In a memorandum and order dated October 28, 1981, the district court denied the motion. The district court stated that it "recognize(d) that attorney's fees may be awarded pursuant to 42 U.S.C. § 2000e-5(k) in the absence of a formal judgment, and prior to the ultimate conclusion of a civil action," Appendix at 48 (citations omitted), but found that such an award would be inappropriate in the circumstances of this case. In contrast to those cases in which attorney's fees were awarded on an interim basis, the district court found
no evidence that this case will result in protracted litigation or that the outcome of the grievance proceedings is a sufficiently significant and discrete unit in this action. Although Plaintiff has obtained part of the relief she sought, the remaining claims also are based upon her allegations of sex discrimination, and thus, she is not entitled to an interim award of attorney's fees.
Id. at 49.
On November 16, 1981, Yakowicz took an appeal from the denial of her motion. On December 17, 1981, the Commonwealth filed a motion in this court to dismiss her appeal.
As the court below recognized, there can be little doubt as to the power of a district court to issue an interim order directing payment of attorney's fees under section 706(k) of the Civil Rights Act of 1964, 42 U.S.C. § 2000e-5(k),3 in cases of protracted litigation where a party's ability to obtain redress for a civil rights violation would be imperiled without such an award.4 The power of the district court to grant interim attorney's fees as to some significant and relatively discrete portion of a case,5 such as the liability phase, is in no way undermined by the fact that a formal, final judgment in favor of the plaintiff has not yet been rendered,6 just as the district court's power to grant attorney's fees when the litigation has come to an end is not negated by the fact that the plaintiff technically was not the judgment-winner, but rather prevailed "through arbitration, ... settlement, administrative action, or other change in the defendants' conduct" that resulted from the bringing of the civil rights action.7
The fact that the district court has discretion under section 706(k) to award attorney's fees on an interim basis in appropriate circumstances, however, by no means implies that an order granting or refusing to grant interim attorney's fees is necessarily appealable. The reason for this is simple: this court's appellate jurisdiction is determined by 28 U.S.C. § 1291, not by section 706(k), and section 1291 limits review to "final" orders.8 Thus, we cannot even consider whether the district court's order denying Yakowicz's motion for interim attorney's fees was proper unless we can first determine that the order is "final" for purposes of section 1291. In the circumstances of this case, however, we can find no basis for deeming the district court's denial of interim attorney's fees to be a final order.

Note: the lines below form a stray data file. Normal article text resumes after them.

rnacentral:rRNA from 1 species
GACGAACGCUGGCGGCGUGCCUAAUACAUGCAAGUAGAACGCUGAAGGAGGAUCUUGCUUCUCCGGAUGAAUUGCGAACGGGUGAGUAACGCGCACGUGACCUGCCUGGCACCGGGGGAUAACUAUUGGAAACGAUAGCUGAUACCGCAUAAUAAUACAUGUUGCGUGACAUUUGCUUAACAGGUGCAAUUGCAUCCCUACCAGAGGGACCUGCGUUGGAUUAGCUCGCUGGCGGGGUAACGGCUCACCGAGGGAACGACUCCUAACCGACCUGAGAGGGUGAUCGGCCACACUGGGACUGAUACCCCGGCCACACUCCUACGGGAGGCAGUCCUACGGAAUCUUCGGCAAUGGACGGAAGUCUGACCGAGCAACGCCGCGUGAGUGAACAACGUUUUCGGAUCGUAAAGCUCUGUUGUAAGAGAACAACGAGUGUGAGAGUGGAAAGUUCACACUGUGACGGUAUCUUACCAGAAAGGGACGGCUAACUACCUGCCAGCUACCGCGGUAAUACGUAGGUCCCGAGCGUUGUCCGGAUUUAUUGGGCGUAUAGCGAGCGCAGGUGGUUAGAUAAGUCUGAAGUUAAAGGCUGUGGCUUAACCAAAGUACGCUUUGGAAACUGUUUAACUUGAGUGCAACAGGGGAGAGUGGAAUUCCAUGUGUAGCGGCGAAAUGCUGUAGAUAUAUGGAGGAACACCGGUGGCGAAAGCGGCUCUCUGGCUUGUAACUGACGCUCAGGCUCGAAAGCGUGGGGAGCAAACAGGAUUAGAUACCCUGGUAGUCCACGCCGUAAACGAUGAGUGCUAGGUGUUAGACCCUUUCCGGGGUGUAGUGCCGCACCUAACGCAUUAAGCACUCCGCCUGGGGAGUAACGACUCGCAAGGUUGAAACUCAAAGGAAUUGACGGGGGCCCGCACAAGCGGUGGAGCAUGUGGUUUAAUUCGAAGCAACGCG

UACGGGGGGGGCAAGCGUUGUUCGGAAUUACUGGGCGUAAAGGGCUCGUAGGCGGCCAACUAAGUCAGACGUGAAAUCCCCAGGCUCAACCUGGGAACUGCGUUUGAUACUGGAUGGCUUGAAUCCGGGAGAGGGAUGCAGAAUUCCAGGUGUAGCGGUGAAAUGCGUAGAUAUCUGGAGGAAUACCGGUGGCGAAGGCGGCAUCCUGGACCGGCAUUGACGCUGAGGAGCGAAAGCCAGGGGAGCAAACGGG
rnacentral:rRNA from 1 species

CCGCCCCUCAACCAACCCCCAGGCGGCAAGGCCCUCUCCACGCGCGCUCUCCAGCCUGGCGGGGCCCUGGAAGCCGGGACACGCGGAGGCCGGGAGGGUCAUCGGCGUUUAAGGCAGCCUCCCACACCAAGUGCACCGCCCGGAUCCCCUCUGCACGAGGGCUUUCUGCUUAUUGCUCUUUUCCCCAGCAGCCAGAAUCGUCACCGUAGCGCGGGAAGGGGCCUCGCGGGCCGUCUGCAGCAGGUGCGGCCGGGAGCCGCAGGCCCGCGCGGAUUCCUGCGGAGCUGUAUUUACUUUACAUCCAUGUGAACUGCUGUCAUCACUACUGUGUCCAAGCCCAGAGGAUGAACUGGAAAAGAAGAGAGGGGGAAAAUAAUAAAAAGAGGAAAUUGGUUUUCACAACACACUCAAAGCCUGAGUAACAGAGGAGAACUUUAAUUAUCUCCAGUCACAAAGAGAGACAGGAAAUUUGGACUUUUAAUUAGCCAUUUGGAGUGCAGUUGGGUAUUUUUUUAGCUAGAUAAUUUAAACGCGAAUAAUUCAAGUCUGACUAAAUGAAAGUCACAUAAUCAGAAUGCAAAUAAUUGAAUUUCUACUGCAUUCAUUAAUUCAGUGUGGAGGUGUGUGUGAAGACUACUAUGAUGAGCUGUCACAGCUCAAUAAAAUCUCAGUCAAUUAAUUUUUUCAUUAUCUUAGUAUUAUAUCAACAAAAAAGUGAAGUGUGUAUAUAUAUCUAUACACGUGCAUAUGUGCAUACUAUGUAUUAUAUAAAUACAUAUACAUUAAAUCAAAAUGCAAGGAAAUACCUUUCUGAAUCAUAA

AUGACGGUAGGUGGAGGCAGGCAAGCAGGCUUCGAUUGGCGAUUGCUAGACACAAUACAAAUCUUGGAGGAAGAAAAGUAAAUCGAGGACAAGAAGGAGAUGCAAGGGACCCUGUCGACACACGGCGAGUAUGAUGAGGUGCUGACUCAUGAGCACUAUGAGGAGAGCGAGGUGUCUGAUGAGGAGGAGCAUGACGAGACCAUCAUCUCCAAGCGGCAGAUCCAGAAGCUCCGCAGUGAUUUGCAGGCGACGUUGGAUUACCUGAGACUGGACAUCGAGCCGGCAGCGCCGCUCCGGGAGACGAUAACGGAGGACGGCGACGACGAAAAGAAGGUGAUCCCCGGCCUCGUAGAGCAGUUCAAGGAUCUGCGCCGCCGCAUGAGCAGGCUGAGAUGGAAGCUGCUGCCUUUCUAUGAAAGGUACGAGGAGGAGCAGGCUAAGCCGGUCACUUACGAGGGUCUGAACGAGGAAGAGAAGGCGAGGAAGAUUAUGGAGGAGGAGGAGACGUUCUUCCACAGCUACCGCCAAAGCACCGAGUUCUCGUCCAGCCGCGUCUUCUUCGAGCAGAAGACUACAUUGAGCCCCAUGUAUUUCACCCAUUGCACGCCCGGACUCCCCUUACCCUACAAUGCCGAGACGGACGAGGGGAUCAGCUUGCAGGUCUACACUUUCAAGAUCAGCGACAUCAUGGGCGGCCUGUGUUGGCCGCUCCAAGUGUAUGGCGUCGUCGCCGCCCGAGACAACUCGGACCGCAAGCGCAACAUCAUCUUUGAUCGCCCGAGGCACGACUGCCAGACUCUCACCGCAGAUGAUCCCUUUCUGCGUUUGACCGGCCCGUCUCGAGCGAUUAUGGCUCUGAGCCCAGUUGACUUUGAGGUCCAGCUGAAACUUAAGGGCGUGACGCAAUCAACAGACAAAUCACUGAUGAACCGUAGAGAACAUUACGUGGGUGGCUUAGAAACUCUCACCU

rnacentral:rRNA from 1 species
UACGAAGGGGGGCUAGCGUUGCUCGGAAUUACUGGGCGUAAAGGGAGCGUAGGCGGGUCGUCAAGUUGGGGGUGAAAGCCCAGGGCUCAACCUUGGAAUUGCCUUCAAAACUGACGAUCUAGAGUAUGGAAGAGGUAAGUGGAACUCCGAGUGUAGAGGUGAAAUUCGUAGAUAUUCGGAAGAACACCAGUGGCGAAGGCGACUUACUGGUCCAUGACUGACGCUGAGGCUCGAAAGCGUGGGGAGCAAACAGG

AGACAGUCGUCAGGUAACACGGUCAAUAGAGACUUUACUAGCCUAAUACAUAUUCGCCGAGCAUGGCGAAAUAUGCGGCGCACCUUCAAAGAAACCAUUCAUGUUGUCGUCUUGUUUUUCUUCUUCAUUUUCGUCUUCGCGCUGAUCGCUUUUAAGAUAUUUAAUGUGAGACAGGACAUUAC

It is obvious that an order denying interim attorney's fees is not an order "which ends the litigation on the merits and leaves nothing for the court to do but execute the judgment." Catlin v. United States, 324 U.S. 229, 233, 65 S.Ct. 631, 633, 89 L.Ed. 911 (1945). Yakowicz therefore contends that the district court's order falls within "that small class (of orders) which finally determine claims of right separable from, and collateral to, rights asserted in the action, too important to be denied review and too independent of the cause itself to require that appellate consideration be deferred until the whole case is adjudicated," Cohen v. Beneficial Industrial Loan Corp., 337 U.S. 541, 546, 69 S.Ct. 1221, 1225, 93 L.Ed. 1528 (1949).9 We cannot agree.
In Coopers & Lybrand v. Livesay, 437 U.S. 463, 98 S.Ct. 2454, 57 L.Ed.2d 351 (1978), the Supreme Court emphasized that the "finality requirement in § 1291 evinces a legislative judgment that '(r)estricting appellate review to " final decisions" prevents the debilitating effect on judicial administration caused by piecemeal appeal disposition of what is, in practical consequence, but a single controversy.' " Id. at 471, 98 S.Ct. at 2459 (quoting Eisen v. Carlisle & Jacquelin, 417 U.S. 156, 170, 94 S.Ct. 2140, 2149, 40 L.Ed.2d 732 (1974)). Consequently, the Court emphasized, the "collateral order" doctrine set out in Cohen must be narrowly construed. For an otherwise nonappealable order to be deemed "final" under the collateral order doctrine of Cohen,